We’ve always known that carrying extra body fat is unhealthy and can lead to serious health problems like diabetes, high blood pressure and some cancers. However, until recently, it was believed that weight was not a factor on cardiovascular health unless combined with the risk factors of metabolic syndrome. A new study published in JAMA Internal Medicine found that metabolic syndrome—which includes high blood pressure, high cholesterol and high blood sugar—is only responsible for between 12 to 26 percent of the risk for cardiovascular disease in obese people.
The study, headed up by lead author Borge Nordestgaard of Copenhagen University Hospital studied 71,527 people and found that overweight people were 38 percent more likely to be at risk for a heart attack and obese people had more than double the risk of heart attack than those of a normal weight. While metabolic syndrome did raise the risk of heart attack—and was present in 62 percent of obese participants—the study concluded that the increased risks were due to the excess weight.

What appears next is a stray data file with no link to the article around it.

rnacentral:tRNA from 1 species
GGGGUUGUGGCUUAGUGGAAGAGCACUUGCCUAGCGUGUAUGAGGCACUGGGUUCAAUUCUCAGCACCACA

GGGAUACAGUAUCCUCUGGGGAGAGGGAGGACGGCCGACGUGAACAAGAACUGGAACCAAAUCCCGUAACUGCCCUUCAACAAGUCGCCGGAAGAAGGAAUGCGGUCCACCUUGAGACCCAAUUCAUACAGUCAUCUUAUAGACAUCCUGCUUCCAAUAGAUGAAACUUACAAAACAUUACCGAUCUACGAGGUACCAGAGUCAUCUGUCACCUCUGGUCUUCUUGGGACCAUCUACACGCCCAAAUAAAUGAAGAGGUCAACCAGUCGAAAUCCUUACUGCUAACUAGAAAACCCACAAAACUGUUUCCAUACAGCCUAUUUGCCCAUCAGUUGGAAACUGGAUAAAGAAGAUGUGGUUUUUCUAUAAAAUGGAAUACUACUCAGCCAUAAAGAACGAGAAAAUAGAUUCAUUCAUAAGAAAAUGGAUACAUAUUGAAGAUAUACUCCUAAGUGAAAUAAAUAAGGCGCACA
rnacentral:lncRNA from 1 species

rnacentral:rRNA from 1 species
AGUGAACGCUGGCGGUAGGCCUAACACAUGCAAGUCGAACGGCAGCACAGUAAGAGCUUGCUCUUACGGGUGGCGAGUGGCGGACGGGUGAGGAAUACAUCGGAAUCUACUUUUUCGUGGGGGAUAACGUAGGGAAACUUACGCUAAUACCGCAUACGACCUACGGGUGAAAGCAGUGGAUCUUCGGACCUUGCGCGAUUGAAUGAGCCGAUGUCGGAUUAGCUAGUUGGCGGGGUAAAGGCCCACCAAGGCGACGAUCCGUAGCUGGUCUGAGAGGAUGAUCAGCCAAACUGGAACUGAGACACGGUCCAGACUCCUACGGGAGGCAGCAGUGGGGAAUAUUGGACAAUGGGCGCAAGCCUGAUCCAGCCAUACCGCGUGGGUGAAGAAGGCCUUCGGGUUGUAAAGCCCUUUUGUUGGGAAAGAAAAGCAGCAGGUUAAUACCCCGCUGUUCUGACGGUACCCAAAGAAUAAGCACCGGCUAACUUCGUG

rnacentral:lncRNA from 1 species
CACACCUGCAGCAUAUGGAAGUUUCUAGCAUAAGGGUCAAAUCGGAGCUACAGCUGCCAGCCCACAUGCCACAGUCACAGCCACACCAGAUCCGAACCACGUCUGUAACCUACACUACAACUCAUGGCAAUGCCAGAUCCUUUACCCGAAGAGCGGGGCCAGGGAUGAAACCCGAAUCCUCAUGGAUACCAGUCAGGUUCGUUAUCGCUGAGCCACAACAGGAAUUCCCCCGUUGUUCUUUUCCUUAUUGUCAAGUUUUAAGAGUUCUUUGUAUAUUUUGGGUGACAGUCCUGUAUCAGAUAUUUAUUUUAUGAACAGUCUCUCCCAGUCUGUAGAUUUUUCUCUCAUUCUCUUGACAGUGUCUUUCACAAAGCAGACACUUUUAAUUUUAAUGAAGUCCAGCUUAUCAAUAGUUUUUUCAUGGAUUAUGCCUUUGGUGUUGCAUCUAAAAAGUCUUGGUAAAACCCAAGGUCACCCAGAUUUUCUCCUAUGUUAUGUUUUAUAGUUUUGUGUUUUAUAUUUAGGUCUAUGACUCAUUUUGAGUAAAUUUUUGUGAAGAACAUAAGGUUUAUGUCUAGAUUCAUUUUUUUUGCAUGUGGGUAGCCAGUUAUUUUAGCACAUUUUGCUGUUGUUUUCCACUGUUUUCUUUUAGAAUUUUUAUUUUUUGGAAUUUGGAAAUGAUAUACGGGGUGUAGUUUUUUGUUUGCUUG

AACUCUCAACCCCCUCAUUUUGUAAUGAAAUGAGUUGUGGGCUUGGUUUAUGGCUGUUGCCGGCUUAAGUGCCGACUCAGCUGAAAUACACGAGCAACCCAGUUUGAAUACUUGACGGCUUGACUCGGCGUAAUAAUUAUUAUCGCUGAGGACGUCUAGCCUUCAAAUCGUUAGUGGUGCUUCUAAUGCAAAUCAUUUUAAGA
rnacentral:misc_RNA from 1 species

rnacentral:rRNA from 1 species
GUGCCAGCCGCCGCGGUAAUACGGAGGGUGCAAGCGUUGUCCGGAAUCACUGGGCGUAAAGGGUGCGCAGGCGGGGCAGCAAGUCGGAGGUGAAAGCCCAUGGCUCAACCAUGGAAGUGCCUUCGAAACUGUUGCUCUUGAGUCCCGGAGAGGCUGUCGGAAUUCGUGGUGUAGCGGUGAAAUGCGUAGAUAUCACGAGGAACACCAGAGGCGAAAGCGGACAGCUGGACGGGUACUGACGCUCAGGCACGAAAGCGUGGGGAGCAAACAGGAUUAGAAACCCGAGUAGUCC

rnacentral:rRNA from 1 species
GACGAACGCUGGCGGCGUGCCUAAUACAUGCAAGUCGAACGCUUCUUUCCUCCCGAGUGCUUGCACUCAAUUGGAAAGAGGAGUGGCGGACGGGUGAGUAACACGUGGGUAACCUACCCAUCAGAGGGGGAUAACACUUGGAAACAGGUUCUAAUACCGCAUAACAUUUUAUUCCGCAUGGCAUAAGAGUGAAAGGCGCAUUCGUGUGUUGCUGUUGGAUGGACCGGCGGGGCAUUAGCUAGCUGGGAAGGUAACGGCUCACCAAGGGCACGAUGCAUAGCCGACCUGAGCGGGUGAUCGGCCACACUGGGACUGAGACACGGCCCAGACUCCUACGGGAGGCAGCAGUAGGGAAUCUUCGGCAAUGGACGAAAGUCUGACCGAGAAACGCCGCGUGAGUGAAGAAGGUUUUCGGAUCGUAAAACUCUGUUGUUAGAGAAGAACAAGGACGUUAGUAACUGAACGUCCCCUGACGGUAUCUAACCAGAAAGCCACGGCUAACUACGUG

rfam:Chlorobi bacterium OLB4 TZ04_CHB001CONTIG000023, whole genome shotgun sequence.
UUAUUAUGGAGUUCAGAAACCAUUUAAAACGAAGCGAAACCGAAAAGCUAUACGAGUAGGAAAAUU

So, what does this mean for evaluating heart attack risks?
Well, if the study’s findings are to be believed, there’s good and bad news. The good news is that doctors might no longer need to test for the conditions of metabolic syndrome to determine whether a patient is at risk for a heart attack—they could merely take their Body Mass Index. However, having an awareness and management strategy for your high blood pressure, cholesterol or blood sugar is important in and of itself, regardless of your weight, so testing for metabolic syndrome is still important. The bad news? Well, for starters, a lot more people may be unknowingly at risk for having a heart attack or developing heart disease.
The Bottom Line
What it really comes down to is this: being overweight or obese is not good for your body. Whether or not the conclusions of the study go on to carry any significance in the medical community is secondary to this undeniable truth. If you’re concerned about your weight, make an appointment to talk to your doctor about your risk factors and make a plan for improving your health.